Is Ranga Reddy district affected by Left Wing Extremist (LWE) violence?
The district has not witnessed any Maoist violence in the last three years. Yet, its name figures in the list of LWE ‘violence-affected’ districts, maintained by the Ministry of Home Affairs (MHA). District officials are puzzled by this mention, but refrain to comment on it, other than asserting that Ranga Reddy district had not witnessed any Maoist activity in the last three years.
Ranga Reddy district, formed 34 years ago, surrounds the State capital and has literally metamorphosed Hyderabad into one of the most happening cities of India, as it became a centre of excellence not only in information technology but also in having training institutions of international repute.
With the rapid development in infrastructure and conference facilities, it is favoured destination for organisers of national and international conferences.
The mention of Ranga Reddy in the official list of ‘violence-affected’ districts may not have had any adverse impact on hosting of international conferences, but the organisers would indeed make a note of it and seek clarifications from the administration.
That Ranga Reddy is figuring in the list ‘violence-affected’ districts came to light on August 29, in the Rajya Sabha when the Minister of State for Home Jitendra Singh answered a query (unstarred question No. 1943) on Left Wing Extremism (LWE).
He elaborated that the districts which witnessed violent activities by LWE outfits were classified as ‘violence-affected’ and those which witnessed over-ground activity of LWE front organisations were put under the list of ‘under LWE influence’.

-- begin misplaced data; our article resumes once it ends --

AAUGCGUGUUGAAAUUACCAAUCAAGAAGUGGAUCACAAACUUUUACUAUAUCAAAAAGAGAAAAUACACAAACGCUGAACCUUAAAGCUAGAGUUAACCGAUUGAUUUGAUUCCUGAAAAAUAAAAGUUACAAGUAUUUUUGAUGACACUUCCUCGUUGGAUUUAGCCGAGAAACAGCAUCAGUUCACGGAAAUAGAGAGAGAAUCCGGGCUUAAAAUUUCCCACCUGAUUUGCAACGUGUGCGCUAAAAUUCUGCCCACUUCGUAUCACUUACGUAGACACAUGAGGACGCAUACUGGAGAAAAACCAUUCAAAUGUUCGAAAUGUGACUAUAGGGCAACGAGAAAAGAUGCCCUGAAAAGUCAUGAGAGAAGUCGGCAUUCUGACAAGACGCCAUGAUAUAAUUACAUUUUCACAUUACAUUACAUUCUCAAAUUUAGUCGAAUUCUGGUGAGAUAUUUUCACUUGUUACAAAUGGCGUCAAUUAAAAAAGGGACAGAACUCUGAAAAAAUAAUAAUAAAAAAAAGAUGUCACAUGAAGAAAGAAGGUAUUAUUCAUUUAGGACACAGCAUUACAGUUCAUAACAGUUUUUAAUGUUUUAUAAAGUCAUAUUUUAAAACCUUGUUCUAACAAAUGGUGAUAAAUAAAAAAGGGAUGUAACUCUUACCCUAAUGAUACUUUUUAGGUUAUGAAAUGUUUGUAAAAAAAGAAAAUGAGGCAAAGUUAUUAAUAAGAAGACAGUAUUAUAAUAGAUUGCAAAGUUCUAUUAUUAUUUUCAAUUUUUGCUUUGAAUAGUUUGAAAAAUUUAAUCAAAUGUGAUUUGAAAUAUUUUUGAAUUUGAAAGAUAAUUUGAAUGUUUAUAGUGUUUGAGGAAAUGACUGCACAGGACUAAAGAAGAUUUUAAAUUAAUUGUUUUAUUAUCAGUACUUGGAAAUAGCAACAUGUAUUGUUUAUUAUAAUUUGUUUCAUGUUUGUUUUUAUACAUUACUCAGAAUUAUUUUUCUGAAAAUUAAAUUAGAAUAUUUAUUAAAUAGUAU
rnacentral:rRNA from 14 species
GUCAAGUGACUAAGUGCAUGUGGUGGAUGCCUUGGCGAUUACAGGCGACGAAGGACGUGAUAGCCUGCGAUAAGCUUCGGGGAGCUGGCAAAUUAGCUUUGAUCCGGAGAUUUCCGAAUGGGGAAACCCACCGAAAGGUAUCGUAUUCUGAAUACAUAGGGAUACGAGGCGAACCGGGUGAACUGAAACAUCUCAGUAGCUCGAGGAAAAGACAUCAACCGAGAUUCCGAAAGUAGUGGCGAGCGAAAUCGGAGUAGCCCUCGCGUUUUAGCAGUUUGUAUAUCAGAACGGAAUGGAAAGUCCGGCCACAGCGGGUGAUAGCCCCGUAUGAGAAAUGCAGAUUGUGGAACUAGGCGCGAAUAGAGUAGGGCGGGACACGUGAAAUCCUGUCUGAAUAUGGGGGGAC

According to this list six districts -- Khammam, Karimnagar, Ranga Reddy, Visakhapatnam, Warangal and East Godvari -- are in the category of ‘violence-affected’. The other 11 districts ‘under LWE influence’ are: Adilabad, Anantapur, Chittoor, Guntur, Krishna, Nalgonda, Nellore, Nizamabad, Prakasam, Vizianagaram and Srikakulam.
But how did Ranga Reddy district get into the list, though it had not witnessed any violence at all? Inquiries with the Ministry of Home Affairs (MHA) revealed that its database speaks about an incident or arson reported on the intervening night of May 18 and 19 in 2011 in Dathupally village of Manchal mandal. Miscreants set fire to a door of a building owned by Venkatesh Goud and left a pamphlet calling for a bandh to protest against the arrest of a Maoist leader in Bihar. Cases were registered accordingly, but subsequent investigations revealed that there was no Maoist involvement in the issue.
Some ten days later, the police arrested Cherukuri Jangaiah and Sandhuri Jangaiah, who bore a grudge against Venkatesh Goud on some personal issue and set fire to the door.
They left a pamphlet in the name of Maoists just to scare him. The case was then compromised in the Lok Adalat too.
Obviously, the registration of the case under different sections of law especially those dealing with Maoist violence were reported to the MHA. But the subsequent development of the case turning out to be a ‘pseudo-naxal’ was not taken into cognizance by the MHA database managers.